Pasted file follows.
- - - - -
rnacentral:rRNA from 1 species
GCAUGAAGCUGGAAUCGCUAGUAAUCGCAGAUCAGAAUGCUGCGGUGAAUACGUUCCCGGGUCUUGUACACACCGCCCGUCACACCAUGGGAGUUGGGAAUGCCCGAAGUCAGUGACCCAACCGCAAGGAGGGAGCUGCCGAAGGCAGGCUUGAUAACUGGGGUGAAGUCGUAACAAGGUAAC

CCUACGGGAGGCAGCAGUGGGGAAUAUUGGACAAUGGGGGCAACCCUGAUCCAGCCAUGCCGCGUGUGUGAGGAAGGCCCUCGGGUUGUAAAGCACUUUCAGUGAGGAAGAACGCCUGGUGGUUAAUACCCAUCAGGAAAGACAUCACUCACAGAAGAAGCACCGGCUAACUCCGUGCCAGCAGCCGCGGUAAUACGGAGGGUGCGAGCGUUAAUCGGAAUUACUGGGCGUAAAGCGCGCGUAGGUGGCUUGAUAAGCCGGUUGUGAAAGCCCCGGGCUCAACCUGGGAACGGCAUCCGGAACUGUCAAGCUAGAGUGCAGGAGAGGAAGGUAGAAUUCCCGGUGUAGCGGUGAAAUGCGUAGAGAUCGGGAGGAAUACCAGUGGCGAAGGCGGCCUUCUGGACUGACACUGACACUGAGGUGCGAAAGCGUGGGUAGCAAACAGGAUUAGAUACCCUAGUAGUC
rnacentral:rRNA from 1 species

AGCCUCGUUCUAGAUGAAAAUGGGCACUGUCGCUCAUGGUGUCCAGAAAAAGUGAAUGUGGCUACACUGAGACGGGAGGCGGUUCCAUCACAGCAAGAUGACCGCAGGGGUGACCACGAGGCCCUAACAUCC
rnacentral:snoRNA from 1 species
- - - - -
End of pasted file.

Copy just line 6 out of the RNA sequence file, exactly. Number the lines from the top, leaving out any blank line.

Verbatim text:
rnacentral:snoRNA from 1 species